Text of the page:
A FAMILY who are fighting to have their mother’s gravestone inscribed with a Gaelic phrase could be forced to pay substantial court costs for pursuing their appeal.
Lodged in August, the appeal seeks to overturn a decision made in May by the Chancellor of the Diocese of Coventry, Stephen Eyre QC, regarding the headstone of Co. Meath native Margaret Keane, who died in 2018.
The Keane family designed a headstone for her grave at St Giles Church which featured the phrase In ár gcroíthe go deo”, which means In our hearts forever.
However, Mr Eyre ruled that the Irish language could not be allowed in a Coventry graveyard without translation as it could be deemed a “political statement”.
He also refused the family the right to appeal his judgement, forcing them to apply for permission to do so from the Arches Court of Canterbury, who granted it in August.
Acting pro bono, the family’s legal team, including solicitor Caroline Brogan at Irwin Mitchell and barristers Caoilfhionn Gallagher QC and Mary-Rachel McCabe of Doughty St Chambers, have since lodged that appeal.
But it has been revealed exclusively to The Irish Post that to pursue this review of their case, the family could be forced to pay all of the court’s costs, whatever the outcome.
Bez Martin, Mrs Keane’s daughter, told The Irish Post: “Whilst our own legal team are all acting for the family on a free of charge basis, we could be required by the Arches Court of Canterbury to pay the Court substantial costs, whatever the outcome of the appeal, which could include costs for the judges’ time.”
She explained: “There will be a judge and two other tribunal members, who could each charge an hourly rate of £180.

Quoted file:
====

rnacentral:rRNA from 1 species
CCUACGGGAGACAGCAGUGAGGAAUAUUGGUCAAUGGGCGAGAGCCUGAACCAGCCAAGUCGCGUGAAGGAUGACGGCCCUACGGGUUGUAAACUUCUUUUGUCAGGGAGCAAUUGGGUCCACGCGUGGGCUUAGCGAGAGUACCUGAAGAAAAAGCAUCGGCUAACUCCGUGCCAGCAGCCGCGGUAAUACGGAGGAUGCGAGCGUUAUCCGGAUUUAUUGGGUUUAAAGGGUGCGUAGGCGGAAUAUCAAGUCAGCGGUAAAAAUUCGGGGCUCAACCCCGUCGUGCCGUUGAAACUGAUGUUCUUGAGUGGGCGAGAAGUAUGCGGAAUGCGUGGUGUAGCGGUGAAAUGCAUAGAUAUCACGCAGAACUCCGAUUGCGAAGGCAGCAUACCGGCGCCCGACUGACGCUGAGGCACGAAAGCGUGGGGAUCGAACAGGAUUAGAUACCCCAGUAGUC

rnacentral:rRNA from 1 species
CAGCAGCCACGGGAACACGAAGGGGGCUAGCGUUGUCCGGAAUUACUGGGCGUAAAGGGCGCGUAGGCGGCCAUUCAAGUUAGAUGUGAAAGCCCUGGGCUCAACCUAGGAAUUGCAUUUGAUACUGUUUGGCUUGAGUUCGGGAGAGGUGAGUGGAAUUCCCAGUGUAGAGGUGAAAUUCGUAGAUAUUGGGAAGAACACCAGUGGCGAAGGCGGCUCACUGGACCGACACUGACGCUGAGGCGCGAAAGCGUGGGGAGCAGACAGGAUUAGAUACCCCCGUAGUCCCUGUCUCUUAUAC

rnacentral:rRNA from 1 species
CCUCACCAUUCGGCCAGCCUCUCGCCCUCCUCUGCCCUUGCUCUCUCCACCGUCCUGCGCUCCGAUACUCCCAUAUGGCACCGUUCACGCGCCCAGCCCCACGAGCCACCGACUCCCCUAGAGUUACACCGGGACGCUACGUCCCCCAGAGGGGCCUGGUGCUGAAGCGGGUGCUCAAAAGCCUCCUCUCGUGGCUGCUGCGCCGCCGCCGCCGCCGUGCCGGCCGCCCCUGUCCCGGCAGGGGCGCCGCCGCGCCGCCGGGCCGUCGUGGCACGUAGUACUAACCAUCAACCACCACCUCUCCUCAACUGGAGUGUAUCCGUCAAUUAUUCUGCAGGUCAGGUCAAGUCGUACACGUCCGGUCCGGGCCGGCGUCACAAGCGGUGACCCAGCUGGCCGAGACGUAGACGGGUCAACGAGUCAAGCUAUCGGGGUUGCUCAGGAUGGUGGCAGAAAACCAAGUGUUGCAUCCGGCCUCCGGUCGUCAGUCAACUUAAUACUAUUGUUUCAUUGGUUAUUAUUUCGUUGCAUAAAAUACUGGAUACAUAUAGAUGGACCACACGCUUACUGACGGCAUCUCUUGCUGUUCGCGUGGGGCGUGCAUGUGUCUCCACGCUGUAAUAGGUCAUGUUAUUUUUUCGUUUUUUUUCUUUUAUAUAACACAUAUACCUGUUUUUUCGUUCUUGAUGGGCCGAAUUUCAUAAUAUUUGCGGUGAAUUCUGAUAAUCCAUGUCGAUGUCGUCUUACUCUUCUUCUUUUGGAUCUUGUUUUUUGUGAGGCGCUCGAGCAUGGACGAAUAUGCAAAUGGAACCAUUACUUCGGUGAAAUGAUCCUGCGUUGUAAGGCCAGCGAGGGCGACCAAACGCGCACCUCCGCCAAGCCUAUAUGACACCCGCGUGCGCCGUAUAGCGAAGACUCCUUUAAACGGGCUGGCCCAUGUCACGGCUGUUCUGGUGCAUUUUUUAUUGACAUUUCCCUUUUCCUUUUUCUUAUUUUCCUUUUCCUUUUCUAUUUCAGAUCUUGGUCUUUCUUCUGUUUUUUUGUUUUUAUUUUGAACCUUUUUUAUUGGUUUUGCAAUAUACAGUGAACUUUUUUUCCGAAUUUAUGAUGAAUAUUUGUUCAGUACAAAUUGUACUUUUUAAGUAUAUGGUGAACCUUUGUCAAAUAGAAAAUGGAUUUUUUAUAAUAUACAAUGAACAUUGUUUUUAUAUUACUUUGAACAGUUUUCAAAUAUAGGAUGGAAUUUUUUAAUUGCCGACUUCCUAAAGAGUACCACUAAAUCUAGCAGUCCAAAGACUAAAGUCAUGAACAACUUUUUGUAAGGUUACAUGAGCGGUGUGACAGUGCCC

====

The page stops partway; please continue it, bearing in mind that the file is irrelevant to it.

“This would be in addition to the substantial fees and costs that we have paid to the Church of England and their courts to date, which are in the region of £2,000.
“To make matters worse, it is difficult to predict what those further costs will be as they are based on future time spent by the Court.”
The family, who are fighting to overturn an anti-Irish decision that been drawn criticism across the board - including from the Irish Embassy and the Church of England itself, have called on the court to waive its costs and fees in this instance.
“We understand that most courts have fees for applications and appeals; but we are not aware of any other legal system where a person has to pay the judge for their time, in addition to paying application and hearing fees,” said Ms Martin.
“This is an immense burden for our family to bear,” she added.
“Our appeal application is to overturn the judgment refusing the Irish only inscription.
“We simply want to be treated equally to the other parishioners. Other parishioners have been permitted to have gravestones in the Churchyard with inscriptions in other languages, without translation. But for us to have equal treatment, we have to go through a lengthy and expensive court process.
“We feel that we have a moral obligation to challenge the reasoning given and that this transcends Coventry’s borders.”
She explained: “We have asked the Church Court to review the position and to work with us, in particular to waive costs and fees.
“This whole matter arises because of a judgment made by a lower church court and the Church of England have distanced themselves from that judgment.
“Why should anybody other than the Church and their legal system pay the Church Court to rectify the hurt and damage caused?”